Algebraic ExpressionsAlgebraic Expressions
In mathematics, an algebraic expression is an expression built op from constants, variables, and a finite
number of algebraic operations (addition, subtraction, multiplication, division and exponentiation to a
power that is a rational number).
A rational algebraic expression (or rational expression) is an algebraic expression that can be written as
a quotient of polynomials, such as x2 + 2x + 4. An irrational algebraic expression is one that is not
rational, such as x + 4.Some but not all polynomial equations with rational coefficients have a solution
that is an algebraic expression with a finite number of operations involving just those coefficients (that
is, can be solved algebraically). This can be done for all such equations of degree one, two, three, or
four; but for degree five or more it can only be done for some equations but not for all.Analytical expression:-
In mathematics, an analytical expression (or expression in analytical form) is a
mathematical expression constructed using well-known operations that lend themselves readily to
calculation. As is true for closed-form expressions, the set of well-known functions allowed can vary
according to context but always includes the basic arithmetic operations (addition, subtraction,
multiplication, and division), extraction of nth roots, exponentiation, logarithms, and trigonometric
functions.Know More About :- Whole Numbers Math.Edurite.comPage : 1/3
However, the class of expressions considered to be analytical expressions tends to be wider than that for
closed-form expressions. In particular, special functions such as the Bessel functions and the gamma
function are usually allowed, and often so are infinite series and continued fractions. On the other hand,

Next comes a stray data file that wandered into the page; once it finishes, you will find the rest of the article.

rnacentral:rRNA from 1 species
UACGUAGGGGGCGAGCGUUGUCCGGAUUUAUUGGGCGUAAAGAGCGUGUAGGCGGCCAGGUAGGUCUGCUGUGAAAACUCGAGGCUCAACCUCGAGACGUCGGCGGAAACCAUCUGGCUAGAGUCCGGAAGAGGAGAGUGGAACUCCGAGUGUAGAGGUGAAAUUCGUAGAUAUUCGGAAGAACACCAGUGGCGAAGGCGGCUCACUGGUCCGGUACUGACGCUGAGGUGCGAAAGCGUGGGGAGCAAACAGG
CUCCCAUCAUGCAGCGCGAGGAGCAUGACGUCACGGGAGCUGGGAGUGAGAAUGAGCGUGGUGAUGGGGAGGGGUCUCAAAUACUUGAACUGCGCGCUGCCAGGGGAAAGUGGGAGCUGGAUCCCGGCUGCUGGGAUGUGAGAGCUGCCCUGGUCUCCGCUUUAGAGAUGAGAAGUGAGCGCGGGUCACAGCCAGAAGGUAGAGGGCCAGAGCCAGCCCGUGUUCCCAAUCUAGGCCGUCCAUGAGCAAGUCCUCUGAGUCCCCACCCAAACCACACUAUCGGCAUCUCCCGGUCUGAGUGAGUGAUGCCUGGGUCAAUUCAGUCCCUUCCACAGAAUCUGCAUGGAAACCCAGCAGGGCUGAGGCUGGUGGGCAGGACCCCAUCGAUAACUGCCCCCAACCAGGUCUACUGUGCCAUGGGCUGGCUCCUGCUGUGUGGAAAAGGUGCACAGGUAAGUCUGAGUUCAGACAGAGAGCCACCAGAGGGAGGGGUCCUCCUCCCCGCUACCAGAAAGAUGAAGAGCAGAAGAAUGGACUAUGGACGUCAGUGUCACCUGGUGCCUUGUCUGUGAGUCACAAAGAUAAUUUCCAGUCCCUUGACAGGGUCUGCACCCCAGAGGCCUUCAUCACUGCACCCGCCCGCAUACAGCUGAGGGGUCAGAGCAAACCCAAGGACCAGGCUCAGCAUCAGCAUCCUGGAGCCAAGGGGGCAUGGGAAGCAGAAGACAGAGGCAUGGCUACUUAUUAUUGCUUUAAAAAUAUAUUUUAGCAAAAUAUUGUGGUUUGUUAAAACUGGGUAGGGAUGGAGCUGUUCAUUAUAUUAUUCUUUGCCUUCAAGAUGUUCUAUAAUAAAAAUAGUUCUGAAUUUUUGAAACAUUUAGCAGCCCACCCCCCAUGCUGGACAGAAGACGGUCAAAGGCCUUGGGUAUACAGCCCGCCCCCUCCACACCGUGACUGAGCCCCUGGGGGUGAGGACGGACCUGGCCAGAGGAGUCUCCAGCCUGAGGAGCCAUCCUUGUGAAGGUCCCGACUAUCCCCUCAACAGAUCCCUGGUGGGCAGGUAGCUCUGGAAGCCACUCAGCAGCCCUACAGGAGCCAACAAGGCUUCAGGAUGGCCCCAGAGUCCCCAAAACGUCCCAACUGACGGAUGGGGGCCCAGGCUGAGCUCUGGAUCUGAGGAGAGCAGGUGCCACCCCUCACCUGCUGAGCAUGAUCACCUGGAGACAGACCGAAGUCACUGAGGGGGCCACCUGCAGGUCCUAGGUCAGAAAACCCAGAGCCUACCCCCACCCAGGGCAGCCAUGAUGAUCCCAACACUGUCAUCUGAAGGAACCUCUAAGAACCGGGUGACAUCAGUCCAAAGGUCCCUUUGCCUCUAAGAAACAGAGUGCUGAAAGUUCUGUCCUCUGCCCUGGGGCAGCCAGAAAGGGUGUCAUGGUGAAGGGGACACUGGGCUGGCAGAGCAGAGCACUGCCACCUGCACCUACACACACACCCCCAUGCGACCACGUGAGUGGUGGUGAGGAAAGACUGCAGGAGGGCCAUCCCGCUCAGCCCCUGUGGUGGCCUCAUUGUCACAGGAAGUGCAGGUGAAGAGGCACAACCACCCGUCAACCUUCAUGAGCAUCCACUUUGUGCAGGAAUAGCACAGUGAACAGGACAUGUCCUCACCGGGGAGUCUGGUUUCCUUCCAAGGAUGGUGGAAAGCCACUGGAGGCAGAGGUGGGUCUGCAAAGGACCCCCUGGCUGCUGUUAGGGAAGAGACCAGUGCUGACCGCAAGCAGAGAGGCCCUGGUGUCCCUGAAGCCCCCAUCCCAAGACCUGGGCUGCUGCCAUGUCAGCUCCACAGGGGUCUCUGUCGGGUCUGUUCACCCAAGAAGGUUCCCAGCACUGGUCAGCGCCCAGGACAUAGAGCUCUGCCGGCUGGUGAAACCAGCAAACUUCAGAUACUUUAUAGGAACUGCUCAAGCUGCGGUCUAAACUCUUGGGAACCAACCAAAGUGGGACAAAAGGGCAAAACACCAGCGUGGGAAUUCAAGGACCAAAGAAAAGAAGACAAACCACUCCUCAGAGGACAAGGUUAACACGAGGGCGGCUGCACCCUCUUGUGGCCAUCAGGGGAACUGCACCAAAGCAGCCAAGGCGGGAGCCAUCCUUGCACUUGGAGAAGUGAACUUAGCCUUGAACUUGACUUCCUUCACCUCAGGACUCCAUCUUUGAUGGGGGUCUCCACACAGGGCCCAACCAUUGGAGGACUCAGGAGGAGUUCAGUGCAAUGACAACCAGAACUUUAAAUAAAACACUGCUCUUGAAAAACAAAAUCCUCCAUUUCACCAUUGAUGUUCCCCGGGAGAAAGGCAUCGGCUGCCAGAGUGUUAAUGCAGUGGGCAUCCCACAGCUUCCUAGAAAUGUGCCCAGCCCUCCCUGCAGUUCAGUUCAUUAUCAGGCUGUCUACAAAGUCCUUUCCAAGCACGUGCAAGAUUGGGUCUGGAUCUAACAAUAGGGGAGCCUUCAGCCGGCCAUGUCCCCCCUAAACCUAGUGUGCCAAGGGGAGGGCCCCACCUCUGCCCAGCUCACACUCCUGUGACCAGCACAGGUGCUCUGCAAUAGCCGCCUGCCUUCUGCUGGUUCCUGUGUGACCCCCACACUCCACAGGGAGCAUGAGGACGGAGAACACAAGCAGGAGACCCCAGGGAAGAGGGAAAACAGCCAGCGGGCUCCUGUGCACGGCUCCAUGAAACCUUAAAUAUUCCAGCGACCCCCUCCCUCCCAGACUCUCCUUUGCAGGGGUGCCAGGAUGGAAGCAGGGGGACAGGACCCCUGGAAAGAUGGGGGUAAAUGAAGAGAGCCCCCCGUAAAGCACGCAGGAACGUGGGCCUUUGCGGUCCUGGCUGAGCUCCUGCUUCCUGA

limits in general, and integrals in particular, are typically excluded.
If an analytic expression involves only the algebraic operations, which are addition, subtraction,
multiplication, division and exponentiation with integral or fractional exponents (hence including the
extraction of nth roots), then it is more specifically referred to as an algebraic expression.
In the case of one variable, , a function is called a rational function if and only if it can be written in the
form where and are polynomial functions in and is not the zero polynomial. The domain of is the set
of all points for which the denominator is not zero, where one assumes that the fraction is written in its
lower degree terms, that is, and have several factors of the positive degree.
Every polynomial function is a rational function with . A function that cannot be written in this form
(for example, ) is not a rational function (but the adjective "irrational" is not generally used for
functions, but only for numbers).An expression of the form is called a rational expression. The need
not be a variable. In abstract algebra the is called an indeterminate.
A rational equation is an equation in which two rational expressions are set equal to each other. These
expressions obey the same rules as fractions. The equations can be solved by cross-multiplying.
Division by zero is undefined, so that a solution causing formal division by zero is rejected.
A constant function such as f(x) = is a rational function since constants are polynomials. Note that the
function itself is rational, even though f(x) is irrational for all x.The rational function is equal to 1 for
all x except 0, where there is a removable singularity.The sum, product, or quotient (excepting division
by the zero polynomial) of two rational functions is itself a rational function: however, the process of
reduction to standard form may inadvertently result in the removing of such discontinuities unless care
is taken.Read More About :- Trigonometric Functions Math.Edurite.comPage : 2/3